A UBC researcher says a tool to assess potential adoptive parents does not meet the needs of lesbian, gay or gender minority adults. Sarah Dow-Fleisner, a professor in the UBC Okanagan's School of Social Work, worked with Boston Children's Hospital postdoctoral fellow Adeline Wyman Battalen and David Brodzinsky, professor emeritus at Rutgers University, to test the validity of the commonly-used Transracial Adoptive Parenting Scale (TAPS).
This study, funded by the Nuffield Foundation, is the first national study of all children placed on supervision orders between 2010/11 and 2016/17 -- a total of 19,296 children.
The birth of a child has drastic short-term effects on new mothers' sleep, particularly during the first three months after birth. Researchers at the University of Warwick have also found sleep duration and satisfaction is decreased up to six years after giving birth for both parents.
A screening tool designed specifically to assess for human trafficking was more likely to identify sexual and labor exploitation of youth, as well as the risk factors, than a commonly used psychosocial assessment, reported researchers from The University of Texas Health Science Center at Houston (UTHealth) and Baylor College of Medicine.
LGBTQ youths are more likely to end up in foster care or unstable housing and suffer negative outcomes, such as substance abuse or mental health issues, while living in the child welfare system, according to new research from The University of Texas at Austin.
A new study forthcoming in the journal Child Development examined whether pregnancy changes mothers' neural sensitivity to infants' facial cues, and whether such changes affect mother-infant bonding. The study found that increases in cortical responses to infants' faces from the prenatal to the postnatal period in individual mothers were associated with more positive relationships with the baby (as reported by the mothers) after birth.
According to Colorado State University social psychologist Jennifer Harman, about 22 million American parents have been the victims of behaviors that lead to something called parental alienation. Having researched the phenomenon for several years, Harman is urging psychological, legal and child custodial disciplines to recognize parental alienation as a form of both child abuse and intimate partner violence. Harman has authored a review article in Psychological Bulletin defining the behaviors associated with parental alienation and advocating for more research into its prevalence and outcomes.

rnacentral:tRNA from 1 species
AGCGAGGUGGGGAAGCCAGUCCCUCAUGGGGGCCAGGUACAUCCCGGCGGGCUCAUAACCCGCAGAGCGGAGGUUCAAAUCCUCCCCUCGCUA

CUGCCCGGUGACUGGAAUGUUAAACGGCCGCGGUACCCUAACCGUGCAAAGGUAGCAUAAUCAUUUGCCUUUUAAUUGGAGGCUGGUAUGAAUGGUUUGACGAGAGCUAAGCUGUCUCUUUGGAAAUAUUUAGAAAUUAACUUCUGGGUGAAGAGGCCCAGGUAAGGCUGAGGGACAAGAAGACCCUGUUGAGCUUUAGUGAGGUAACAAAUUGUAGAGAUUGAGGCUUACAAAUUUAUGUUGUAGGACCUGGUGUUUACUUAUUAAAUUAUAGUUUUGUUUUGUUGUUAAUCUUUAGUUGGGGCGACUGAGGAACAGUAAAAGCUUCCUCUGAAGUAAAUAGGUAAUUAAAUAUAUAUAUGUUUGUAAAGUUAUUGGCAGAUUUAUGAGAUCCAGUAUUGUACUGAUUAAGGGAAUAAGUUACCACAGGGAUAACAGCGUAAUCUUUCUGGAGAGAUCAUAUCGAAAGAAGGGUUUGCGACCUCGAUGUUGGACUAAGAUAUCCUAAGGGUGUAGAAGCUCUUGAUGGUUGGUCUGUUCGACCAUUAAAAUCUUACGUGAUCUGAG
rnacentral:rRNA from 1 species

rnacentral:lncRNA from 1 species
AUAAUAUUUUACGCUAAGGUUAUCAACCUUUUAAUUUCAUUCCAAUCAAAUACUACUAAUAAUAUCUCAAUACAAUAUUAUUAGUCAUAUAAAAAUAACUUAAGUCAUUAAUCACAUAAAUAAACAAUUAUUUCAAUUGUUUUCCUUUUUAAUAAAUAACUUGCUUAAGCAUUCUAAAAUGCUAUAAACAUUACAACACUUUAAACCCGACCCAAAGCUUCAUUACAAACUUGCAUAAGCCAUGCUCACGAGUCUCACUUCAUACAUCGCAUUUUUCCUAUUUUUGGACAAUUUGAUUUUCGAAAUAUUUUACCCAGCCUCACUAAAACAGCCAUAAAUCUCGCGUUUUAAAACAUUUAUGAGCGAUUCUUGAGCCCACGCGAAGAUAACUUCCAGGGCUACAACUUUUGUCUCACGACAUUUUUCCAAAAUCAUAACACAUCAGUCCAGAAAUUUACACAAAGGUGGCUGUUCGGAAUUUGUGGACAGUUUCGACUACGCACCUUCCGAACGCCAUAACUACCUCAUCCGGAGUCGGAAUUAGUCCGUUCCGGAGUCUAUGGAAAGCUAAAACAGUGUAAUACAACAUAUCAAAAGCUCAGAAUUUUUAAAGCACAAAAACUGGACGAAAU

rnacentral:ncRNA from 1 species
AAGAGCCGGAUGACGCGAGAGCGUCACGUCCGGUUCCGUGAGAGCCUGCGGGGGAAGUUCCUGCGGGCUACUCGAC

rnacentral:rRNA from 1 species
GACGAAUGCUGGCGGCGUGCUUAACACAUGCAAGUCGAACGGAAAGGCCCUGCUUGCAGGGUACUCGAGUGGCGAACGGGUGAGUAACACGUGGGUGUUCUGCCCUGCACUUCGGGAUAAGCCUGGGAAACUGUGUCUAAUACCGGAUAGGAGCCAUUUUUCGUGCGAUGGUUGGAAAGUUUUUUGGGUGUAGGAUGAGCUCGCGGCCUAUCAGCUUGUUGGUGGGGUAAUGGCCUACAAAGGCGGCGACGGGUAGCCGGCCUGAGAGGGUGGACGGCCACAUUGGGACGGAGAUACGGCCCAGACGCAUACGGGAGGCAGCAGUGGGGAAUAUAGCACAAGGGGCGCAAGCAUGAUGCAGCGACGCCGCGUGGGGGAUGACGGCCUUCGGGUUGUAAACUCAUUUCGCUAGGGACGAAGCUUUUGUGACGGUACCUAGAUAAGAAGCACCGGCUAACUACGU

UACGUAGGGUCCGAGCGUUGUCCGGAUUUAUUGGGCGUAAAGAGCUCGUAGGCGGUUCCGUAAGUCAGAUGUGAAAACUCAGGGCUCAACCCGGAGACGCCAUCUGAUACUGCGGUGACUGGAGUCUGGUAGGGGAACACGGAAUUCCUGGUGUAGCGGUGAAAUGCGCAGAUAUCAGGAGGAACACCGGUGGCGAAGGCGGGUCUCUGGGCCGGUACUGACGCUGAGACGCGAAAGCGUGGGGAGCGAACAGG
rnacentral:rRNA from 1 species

A Rutgers-led experimental study found that women prefer and invest more in daughters, while men favor and invest more in their sons. The study of gender biases appears in the journal Scientific Reports.
Millions of children are being raised solely by their grandparents, with numbers continuing to climb as the opioid crisis and other factors disrupt families. New research being presented at the American Academy of Pediatrics (AAP) 2018 National Conference & Exhibition shows that caregivers who step up to raise their grandchildren are overcoming unique challenges to manage just as well as biological and adoptive parent caregivers.
A developmental psychologist at UC Riverside, has completed a study that is the first to measure how often infants spend time in different body positions over the first year of life. The study aims to understand how the physical context of infants' everyday experiences - in particular, how much time they spend in different body positions - changes over the course of the first year and how these changes are predicted by infants' developing motor skills.